Object storage vendor Cloudian has released an update for its HyperStore object storage software, version 7.5.1. The new release focuses on improving security, protection, and search capabilities while temporarily deleting snapshots.
Cloudian introduced the HyperFile functionality in 2017 after acquiring Infinity Storage, an Italian company, to expand file access and cloud storage capabilities in HyperStore. Caterina Falchi, the CEO and founder of Infinity Storage, joined Cloudian as VP of File Technologies.
While there was no formal release announcement, Cloudian’s CMO, Jon Toor, shared details in a blog post. He highlighted that HyperStore 7.5.1 introduces HyperStore File Services – a streamlined approach to data management. This update seamlessly integrates file caching functionality into the Cloudian HyperStore object storage system, allowing users to quickly access files from both all-flash and HDD-based servers, creating a scalable central repository.
In 2018, HyperFile supported SMB (CIFS)/NFS, snapshot, WORM, non-disruptive failover, scale-out, POSIX compliance, and Active Directory integration. The File Services software has been rewritten to be containerized and more closely integrated with HyperStore, but in the process, some functionality has been temporarily lost as new features are added.
Version 7.5.1 introduces VSS (Volume Shadow Copy Services) snapshot support for file versioning, but other snapshots are no longer available in this release. Snapshot functionality is planned for future updates, along with geographic distribution support, which allows multiple sites to share a common file and object namespace with a global file cache.
Regarding the changes, Jon Toor told us that unified management is the most important development. “Object and file are now managed through a single user interface instead of separate user interfaces. As a unified platform, it is now also fully monitored via Hyper IQ, our observation and analysis platform. The underlying architecture is now also completely based on K8s. This foundation allows us to do further hardware integration later on. Currently, object and file use separate hardware nodes, but with common management.”
Cloudian plans to make a public announcement about the release in September, along with the introduction of additional features in version 8.0 of HyperStore. The new software supports converged bimodal data access (file + S3 object) and cloud integration. HyperStore File Services software can run on a 1U HyperStore File Appliance 1100 system or virtual machine and provides caching and storage with hot-swap SAS disks. Licensing is based on the capacity of the file caching node.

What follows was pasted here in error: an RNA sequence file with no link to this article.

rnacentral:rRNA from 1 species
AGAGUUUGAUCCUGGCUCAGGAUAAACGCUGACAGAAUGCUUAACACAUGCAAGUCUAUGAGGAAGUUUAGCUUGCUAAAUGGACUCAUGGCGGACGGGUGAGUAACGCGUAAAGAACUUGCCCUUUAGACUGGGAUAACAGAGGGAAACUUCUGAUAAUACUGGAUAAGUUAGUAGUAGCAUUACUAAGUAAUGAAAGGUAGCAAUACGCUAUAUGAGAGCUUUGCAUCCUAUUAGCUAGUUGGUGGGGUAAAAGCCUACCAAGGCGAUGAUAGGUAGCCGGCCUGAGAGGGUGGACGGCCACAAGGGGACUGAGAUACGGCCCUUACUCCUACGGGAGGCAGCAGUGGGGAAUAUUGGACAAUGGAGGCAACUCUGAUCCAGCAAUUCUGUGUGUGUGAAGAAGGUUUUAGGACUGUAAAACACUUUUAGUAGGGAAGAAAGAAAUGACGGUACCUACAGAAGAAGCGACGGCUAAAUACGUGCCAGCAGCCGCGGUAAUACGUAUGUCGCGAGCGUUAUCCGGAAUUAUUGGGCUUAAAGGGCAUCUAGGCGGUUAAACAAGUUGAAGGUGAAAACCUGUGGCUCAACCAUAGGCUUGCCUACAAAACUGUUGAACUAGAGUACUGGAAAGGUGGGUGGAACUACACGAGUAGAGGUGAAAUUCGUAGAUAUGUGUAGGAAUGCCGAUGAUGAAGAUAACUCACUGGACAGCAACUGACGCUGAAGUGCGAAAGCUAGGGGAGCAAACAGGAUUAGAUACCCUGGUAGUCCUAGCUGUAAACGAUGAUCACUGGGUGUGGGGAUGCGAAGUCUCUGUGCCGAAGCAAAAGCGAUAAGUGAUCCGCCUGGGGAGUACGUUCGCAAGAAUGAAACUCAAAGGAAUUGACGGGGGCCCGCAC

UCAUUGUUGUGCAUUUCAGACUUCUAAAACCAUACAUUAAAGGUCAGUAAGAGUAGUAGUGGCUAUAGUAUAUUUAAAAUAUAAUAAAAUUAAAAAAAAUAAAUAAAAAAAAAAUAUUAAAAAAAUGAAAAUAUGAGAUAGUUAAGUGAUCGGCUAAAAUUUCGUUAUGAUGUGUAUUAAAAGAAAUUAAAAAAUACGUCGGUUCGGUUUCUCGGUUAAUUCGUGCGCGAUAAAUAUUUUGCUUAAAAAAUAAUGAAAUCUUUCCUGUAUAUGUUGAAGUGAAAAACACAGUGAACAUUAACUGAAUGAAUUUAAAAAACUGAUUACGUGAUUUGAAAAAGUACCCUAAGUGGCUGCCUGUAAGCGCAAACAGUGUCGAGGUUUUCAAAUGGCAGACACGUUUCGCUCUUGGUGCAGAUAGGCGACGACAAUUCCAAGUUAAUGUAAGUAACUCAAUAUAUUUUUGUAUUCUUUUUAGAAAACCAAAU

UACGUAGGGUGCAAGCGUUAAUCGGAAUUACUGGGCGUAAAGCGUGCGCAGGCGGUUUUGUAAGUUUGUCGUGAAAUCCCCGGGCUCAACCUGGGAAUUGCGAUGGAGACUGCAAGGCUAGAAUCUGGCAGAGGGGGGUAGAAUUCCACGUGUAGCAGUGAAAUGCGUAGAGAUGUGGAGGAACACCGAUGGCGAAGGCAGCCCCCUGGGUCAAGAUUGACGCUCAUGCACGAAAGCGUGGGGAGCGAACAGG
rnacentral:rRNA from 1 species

A Cloudian FAQ says: “HyperFile is a NAS controller that provides SMB(CIFS) and NFS file services using Cloudian HyperStore object storage as the underlying storage layer. This is analogous to a traditional NAS system where a controller uses SATA disk shelves as a storage layer.”
We think this is a pretty comprehensive analogy, since HyperStore File Services runs as a separate software entity that talks to a HyperStore object cluster with its own controllers (object storage nodes) that talk to storage disks – in other words, two levels of controller software.
The File Services software is available in Basic and Enterprise modes. The basic license includes SMB/NFS support, POSIX compliance, Active Directory/LDAP integration, write file caching using NVMe SSD, read file caching using NVMe SSD or HDD, VSS, and file access from S3 and vice versa. The enterprise license adds active:active high-availability, non-disruptive failover, and scheduled features such as snapshots for individual files or entire file systems, and geographic distribution support.
Encryption, search and replication or clear encryption choice
V7.5.1 of HyperStore adds integration with third-party encryption key managers through Key Management Interoperability Protocol (KMIP) support. It has been tested with Thales CipherTrust, Fortanix Data Security Manager and Hashicorp Vault, and the Cryptsoft KMIP client is integrated into HyperStore.
Cloudian has used the open-source OpenSearch tool to provide search and analytics features for HyperStore.
It also added a dynamic storage feature to select an object storage size, placing data up to that size in buckets with replication used to protect their contents. Objects above that size are placed in buckets for protection using clear encryption.
Replication is computationally simple and read latency is lower than for objects with erase code. Because the object size is usually small – kilobytes – the network transmission time is so short that any latency delays can become apparent.
Wipe encryption is computationally more intensive than replication, but requires less bandwidth to distribute the data across multiple devices. Erase coded object read I/O has a longer latency than replication, but the larger objects – terabytes – require a longer transmission time that masks the latency difference of replication.
Replication is good for small objects, with clear encoding better for large objects because it saves space over replication and latency matters less.
You can try Cloudian’s new software with a free trial.